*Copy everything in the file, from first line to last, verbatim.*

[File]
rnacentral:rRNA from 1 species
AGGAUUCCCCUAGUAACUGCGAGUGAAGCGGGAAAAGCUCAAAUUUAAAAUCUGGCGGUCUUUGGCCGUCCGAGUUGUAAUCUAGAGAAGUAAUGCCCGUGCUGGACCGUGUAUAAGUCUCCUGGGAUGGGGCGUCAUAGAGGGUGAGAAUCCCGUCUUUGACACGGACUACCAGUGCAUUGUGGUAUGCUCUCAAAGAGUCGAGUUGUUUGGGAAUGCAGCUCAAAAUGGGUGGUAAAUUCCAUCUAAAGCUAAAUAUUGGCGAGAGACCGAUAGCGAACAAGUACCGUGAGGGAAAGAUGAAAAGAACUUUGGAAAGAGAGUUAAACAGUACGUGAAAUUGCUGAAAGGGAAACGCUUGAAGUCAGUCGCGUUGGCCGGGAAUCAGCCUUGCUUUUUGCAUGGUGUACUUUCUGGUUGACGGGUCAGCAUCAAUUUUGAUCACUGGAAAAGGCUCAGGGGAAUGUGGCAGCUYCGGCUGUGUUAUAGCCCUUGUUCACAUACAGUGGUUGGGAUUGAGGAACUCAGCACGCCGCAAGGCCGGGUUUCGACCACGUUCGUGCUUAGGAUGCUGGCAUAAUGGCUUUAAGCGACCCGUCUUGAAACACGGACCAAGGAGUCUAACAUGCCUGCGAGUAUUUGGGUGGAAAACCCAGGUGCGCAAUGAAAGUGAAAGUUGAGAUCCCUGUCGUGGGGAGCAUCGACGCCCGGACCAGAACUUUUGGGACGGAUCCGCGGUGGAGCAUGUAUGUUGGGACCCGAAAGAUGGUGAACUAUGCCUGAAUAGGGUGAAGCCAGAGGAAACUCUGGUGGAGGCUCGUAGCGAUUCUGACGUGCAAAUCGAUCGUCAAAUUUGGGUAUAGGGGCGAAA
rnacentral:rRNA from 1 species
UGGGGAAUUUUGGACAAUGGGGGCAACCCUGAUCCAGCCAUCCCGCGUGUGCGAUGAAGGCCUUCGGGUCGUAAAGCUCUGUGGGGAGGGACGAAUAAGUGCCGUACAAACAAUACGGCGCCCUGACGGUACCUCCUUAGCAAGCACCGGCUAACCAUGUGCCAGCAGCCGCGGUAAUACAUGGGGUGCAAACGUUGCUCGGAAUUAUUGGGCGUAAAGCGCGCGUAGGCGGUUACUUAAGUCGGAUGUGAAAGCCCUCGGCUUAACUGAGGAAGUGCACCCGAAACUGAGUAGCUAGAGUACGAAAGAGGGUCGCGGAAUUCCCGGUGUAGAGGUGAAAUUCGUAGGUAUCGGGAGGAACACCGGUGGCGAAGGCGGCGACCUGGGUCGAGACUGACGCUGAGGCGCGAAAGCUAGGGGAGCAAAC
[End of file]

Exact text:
rnacentral:rRNA from 1 species
AGGAUUCCCCUAGUAACUGCGAGUGAAGCGGGAAAAGCUCAAAUUUAAAAUCUGGCGGUCUUUGGCCGUCCGAGUUGUAAUCUAGAGAAGUAAUGCCCGUGCUGGACCGUGUAUAAGUCUCCUGGGAUGGGGCGUCAUAGAGGGUGAGAAUCCCGUCUUUGACACGGACUACCAGUGCAUUGUGGUAUGCUCUCAAAGAGUCGAGUUGUUUGGGAAUGCAGCUCAAAAUGGGUGGUAAAUUCCAUCUAAAGCUAAAUAUUGGCGAGAGACCGAUAGCGAACAAGUACCGUGAGGGAAAGAUGAAAAGAACUUUGGAAAGAGAGUUAAACAGUACGUGAAAUUGCUGAAAGGGAAACGCUUGAAGUCAGUCGCGUUGGCCGGGAAUCAGCCUUGCUUUUUGCAUGGUGUACUUUCUGGUUGACGGGUCAGCAUCAAUUUUGAUCACUGGAAAAGGCUCAGGGGAAUGUGGCAGCUYCGGCUGUGUUAUAGCCCUUGUUCACAUACAGUGGUUGGGAUUGAGGAACUCAGCACGCCGCAAGGCCGGGUUUCGACCACGUUCGUGCUUAGGAUGCUGGCAUAAUGGCUUUAAGCGACCCGUCUUGAAACACGGACCAAGGAGUCUAACAUGCCUGCGAGUAUUUGGGUGGAAAACCCAGGUGCGCAAUGAAAGUGAAAGUUGAGAUCCCUGUCGUGGGGAGCAUCGACGCCCGGACCAGAACUUUUGGGACGGAUCCGCGGUGGAGCAUGUAUGUUGGGACCCGAAAGAUGGUGAACUAUGCCUGAAUAGGGUGAAGCCAGAGGAAACUCUGGUGGAGGCUCGUAGCGAUUCUGACGUGCAAAUCGAUCGUCAAAUUUGGGUAUAGGGGCGAAA
rnacentral:rRNA from 1 species
UGGGGAAUUUUGGACAAUGGGGGCAACCCUGAUCCAGCCAUCCCGCGUGUGCGAUGAAGGCCUUCGGGUCGUAAAGCUCUGUGGGGAGGGACGAAUAAGUGCCGUACAAACAAUACGGCGCCCUGACGGUACCUCCUUAGCAAGCACCGGCUAACCAUGUGCCAGCAGCCGCGGUAAUACAUGGGGUGCAAACGUUGCUCGGAAUUAUUGGGCGUAAAGCGCGCGUAGGCGGUUACUUAAGUCGGAUGUGAAAGCCCUCGGCUUAACUGAGGAAGUGCACCCGAAACUGAGUAGCUAGAGUACGAAAGAGGGUCGCGGAAUUCCCGGUGUAGAGGUGAAAUUCGUAGGUAUCGGGAGGAACACCGGUGGCGAAGGCGGCGACCUGGGUCGAGACUGACGCUGAGGCGCGAAAGCUAGGGGAGCAAAC